Fossil Insects Change Date of Atlantis Eruption
As much as mountains and canyons, valleys and hills bring delight to the eye, they rouse a bundle of questions about their origin if they carry some extraordinary quality of form, shape and structure. When a jar full of insect pests was found in an ancient ground storage around 50 years ago, geologists did not take it for granted. Instead they learned that the volcanic eruption that took place in Greek island of Santorini around 1600 BC and now sculptured by mysterious forces and left untouched actually happened in early summer.
Just like heavy waves batter the cliff, winds move sand dunes in the desert and rivers widen their banks, the "Atlantis" volcano was the main cause of the end of Minoan civilization as well as ancient communities around Egypt. Taken singly, this seems an obvious incident and scientists were able to figure out the year range the incident happened - between 1627 and 1600 BC. But the one thing that remained unanswered for quite a long time was the season it took place. The discovery of pests was really helpful in zeroing in on it.
Perhaps geology has no more significant lesson to teach than the fact that little things bring out the truth about something big. When the insect remains were discovered in the storage jar containing sweet pea seeds, it was determined that the volcano eruption took place in the month of June. The jar in which the insect fossils lie must once have been in the storage area where the crops were infested, and it was only during the month of June that the bean weevil infested this crop.
The Current Climate
The climate has changed since then. The place of volcanic eruption has been formerly clothed with vegetation. Proper pest control is in place. And as the distribution of land and nature of climate changed, so did the forms of life. All changed but the Akrotiri got buried in the ash and pumice preserving the site for thousands of years.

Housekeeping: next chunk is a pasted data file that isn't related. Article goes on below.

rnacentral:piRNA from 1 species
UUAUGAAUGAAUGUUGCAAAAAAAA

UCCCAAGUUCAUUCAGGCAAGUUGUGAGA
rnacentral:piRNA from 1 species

As the geologists began to climb the slopes of this ancient volcano, they found the infested peas buried in the ground-floor room of a multistory building. The date range for the fossils was later determined using a modern technique to radiocarbon date the protein called chitin found in the insect's shells.
Throughout this long period of volcanic activity the earth's crust was repeatedly broken in that part of the world. Finding the exact date range along with the exact season of a prehistoric volcanic eruption was a Herculean task. When the pests were upheaved, many theories began to surface in terms of assigning seasons to natural calamities. The bean weevils found from the volcanic site have one annual life cycle. They were probably stored shortly before this single incident that destroyed the region.
The condition they were found suggests that more and more accurate models of such events can be easily resolved just by knowing the season in which a particular event took place. The result? Some geologists have found their own conclusion with the insect fossil theory, others have come up with the season determination through layers of ash and pumice collected from the site.